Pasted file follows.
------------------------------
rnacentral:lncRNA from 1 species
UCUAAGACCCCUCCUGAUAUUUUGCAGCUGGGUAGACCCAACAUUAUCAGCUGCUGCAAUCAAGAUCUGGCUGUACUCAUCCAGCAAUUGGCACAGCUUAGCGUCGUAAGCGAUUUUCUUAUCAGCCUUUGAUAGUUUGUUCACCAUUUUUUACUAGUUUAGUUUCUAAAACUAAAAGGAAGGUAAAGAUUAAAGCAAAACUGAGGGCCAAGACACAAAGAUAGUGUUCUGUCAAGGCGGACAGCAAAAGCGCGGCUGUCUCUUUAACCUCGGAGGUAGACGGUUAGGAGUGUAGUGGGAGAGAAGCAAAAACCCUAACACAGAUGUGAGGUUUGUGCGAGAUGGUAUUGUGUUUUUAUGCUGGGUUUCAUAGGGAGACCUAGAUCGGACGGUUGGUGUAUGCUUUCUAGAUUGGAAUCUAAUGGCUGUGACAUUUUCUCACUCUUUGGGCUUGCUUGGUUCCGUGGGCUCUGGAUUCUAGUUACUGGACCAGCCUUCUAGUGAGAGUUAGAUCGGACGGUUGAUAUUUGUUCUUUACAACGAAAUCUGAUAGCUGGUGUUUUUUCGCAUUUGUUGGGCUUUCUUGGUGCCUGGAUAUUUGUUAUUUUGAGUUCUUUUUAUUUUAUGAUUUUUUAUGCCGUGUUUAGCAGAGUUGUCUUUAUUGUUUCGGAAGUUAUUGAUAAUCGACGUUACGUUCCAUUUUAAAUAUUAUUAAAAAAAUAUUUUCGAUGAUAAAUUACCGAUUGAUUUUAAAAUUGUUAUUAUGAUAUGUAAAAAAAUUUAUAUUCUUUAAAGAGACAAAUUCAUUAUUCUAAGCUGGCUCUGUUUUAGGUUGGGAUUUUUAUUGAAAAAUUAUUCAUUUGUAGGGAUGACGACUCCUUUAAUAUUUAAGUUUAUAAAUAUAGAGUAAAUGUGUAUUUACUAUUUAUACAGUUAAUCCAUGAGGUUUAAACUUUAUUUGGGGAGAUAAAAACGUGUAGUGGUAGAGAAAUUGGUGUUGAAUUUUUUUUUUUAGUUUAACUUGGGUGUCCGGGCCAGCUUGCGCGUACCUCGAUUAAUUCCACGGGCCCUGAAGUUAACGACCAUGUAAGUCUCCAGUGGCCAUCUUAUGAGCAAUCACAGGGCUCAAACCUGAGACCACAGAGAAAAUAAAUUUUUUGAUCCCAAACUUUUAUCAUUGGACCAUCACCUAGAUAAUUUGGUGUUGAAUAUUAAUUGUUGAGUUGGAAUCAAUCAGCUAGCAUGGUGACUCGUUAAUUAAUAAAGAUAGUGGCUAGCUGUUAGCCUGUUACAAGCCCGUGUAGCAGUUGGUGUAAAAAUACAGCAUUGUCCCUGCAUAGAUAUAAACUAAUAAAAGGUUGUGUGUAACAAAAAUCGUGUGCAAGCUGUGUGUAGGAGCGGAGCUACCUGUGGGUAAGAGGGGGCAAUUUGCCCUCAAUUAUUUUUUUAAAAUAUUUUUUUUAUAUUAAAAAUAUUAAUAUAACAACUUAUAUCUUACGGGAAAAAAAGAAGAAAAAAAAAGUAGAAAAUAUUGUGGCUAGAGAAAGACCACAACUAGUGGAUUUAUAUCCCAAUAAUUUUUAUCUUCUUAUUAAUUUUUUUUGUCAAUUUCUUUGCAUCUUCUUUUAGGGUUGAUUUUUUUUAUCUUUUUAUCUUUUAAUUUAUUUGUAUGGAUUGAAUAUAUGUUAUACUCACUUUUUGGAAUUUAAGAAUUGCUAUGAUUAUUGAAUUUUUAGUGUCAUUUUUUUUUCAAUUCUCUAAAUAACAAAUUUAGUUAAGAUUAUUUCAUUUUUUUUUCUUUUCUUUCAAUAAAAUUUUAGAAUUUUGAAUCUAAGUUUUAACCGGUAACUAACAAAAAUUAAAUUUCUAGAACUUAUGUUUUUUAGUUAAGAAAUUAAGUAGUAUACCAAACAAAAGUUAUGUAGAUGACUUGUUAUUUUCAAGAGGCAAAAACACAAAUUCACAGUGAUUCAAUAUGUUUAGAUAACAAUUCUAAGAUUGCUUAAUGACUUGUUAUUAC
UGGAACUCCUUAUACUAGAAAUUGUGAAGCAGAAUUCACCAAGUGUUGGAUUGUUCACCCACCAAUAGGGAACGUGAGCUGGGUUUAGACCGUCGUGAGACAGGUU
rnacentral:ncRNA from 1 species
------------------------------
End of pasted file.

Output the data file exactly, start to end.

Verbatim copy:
rnacentral:lncRNA from 1 species
UCUAAGACCCCUCCUGAUAUUUUGCAGCUGGGUAGACCCAACAUUAUCAGCUGCUGCAAUCAAGAUCUGGCUGUACUCAUCCAGCAAUUGGCACAGCUUAGCGUCGUAAGCGAUUUUCUUAUCAGCCUUUGAUAGUUUGUUCACCAUUUUUUACUAGUUUAGUUUCUAAAACUAAAAGGAAGGUAAAGAUUAAAGCAAAACUGAGGGCCAAGACACAAAGAUAGUGUUCUGUCAAGGCGGACAGCAAAAGCGCGGCUGUCUCUUUAACCUCGGAGGUAGACGGUUAGGAGUGUAGUGGGAGAGAAGCAAAAACCCUAACACAGAUGUGAGGUUUGUGCGAGAUGGUAUUGUGUUUUUAUGCUGGGUUUCAUAGGGAGACCUAGAUCGGACGGUUGGUGUAUGCUUUCUAGAUUGGAAUCUAAUGGCUGUGACAUUUUCUCACUCUUUGGGCUUGCUUGGUUCCGUGGGCUCUGGAUUCUAGUUACUGGACCAGCCUUCUAGUGAGAGUUAGAUCGGACGGUUGAUAUUUGUUCUUUACAACGAAAUCUGAUAGCUGGUGUUUUUUCGCAUUUGUUGGGCUUUCUUGGUGCCUGGAUAUUUGUUAUUUUGAGUUCUUUUUAUUUUAUGAUUUUUUAUGCCGUGUUUAGCAGAGUUGUCUUUAUUGUUUCGGAAGUUAUUGAUAAUCGACGUUACGUUCCAUUUUAAAUAUUAUUAAAAAAAUAUUUUCGAUGAUAAAUUACCGAUUGAUUUUAAAAUUGUUAUUAUGAUAUGUAAAAAAAUUUAUAUUCUUUAAAGAGACAAAUUCAUUAUUCUAAGCUGGCUCUGUUUUAGGUUGGGAUUUUUAUUGAAAAAUUAUUCAUUUGUAGGGAUGACGACUCCUUUAAUAUUUAAGUUUAUAAAUAUAGAGUAAAUGUGUAUUUACUAUUUAUACAGUUAAUCCAUGAGGUUUAAACUUUAUUUGGGGAGAUAAAAACGUGUAGUGGUAGAGAAAUUGGUGUUGAAUUUUUUUUUUUAGUUUAACUUGGGUGUCCGGGCCAGCUUGCGCGUACCUCGAUUAAUUCCACGGGCCCUGAAGUUAACGACCAUGUAAGUCUCCAGUGGCCAUCUUAUGAGCAAUCACAGGGCUCAAACCUGAGACCACAGAGAAAAUAAAUUUUUUGAUCCCAAACUUUUAUCAUUGGACCAUCACCUAGAUAAUUUGGUGUUGAAUAUUAAUUGUUGAGUUGGAAUCAAUCAGCUAGCAUGGUGACUCGUUAAUUAAUAAAGAUAGUGGCUAGCUGUUAGCCUGUUACAAGCCCGUGUAGCAGUUGGUGUAAAAAUACAGCAUUGUCCCUGCAUAGAUAUAAACUAAUAAAAGGUUGUGUGUAACAAAAAUCGUGUGCAAGCUGUGUGUAGGAGCGGAGCUACCUGUGGGUAAGAGGGGGCAAUUUGCCCUCAAUUAUUUUUUUAAAAUAUUUUUUUUAUAUUAAAAAUAUUAAUAUAACAACUUAUAUCUUACGGGAAAAAAAGAAGAAAAAAAAAGUAGAAAAUAUUGUGGCUAGAGAAAGACCACAACUAGUGGAUUUAUAUCCCAAUAAUUUUUAUCUUCUUAUUAAUUUUUUUUGUCAAUUUCUUUGCAUCUUCUUUUAGGGUUGAUUUUUUUUAUCUUUUUAUCUUUUAAUUUAUUUGUAUGGAUUGAAUAUAUGUUAUACUCACUUUUUGGAAUUUAAGAAUUGCUAUGAUUAUUGAAUUUUUAGUGUCAUUUUUUUUUCAAUUCUCUAAAUAACAAAUUUAGUUAAGAUUAUUUCAUUUUUUUUUCUUUUCUUUCAAUAAAAUUUUAGAAUUUUGAAUCUAAGUUUUAACCGGUAACUAACAAAAAUUAAAUUUCUAGAACUUAUGUUUUUUAGUUAAGAAAUUAAGUAGUAUACCAAACAAAAGUUAUGUAGAUGACUUGUUAUUUUCAAGAGGCAAAAACACAAAUUCACAGUGAUUCAAUAUGUUUAGAUAACAAUUCUAAGAUUGCUUAAUGACUUGUUAUUAC
UGGAACUCCUUAUACUAGAAAUUGUGAAGCAGAAUUCACCAAGUGUUGGAUUGUUCACCCACCAAUAGGGAACGUGAGCUGGGUUUAGACCGUCGUGAGACAGGUU
rnacentral:ncRNA from 1 species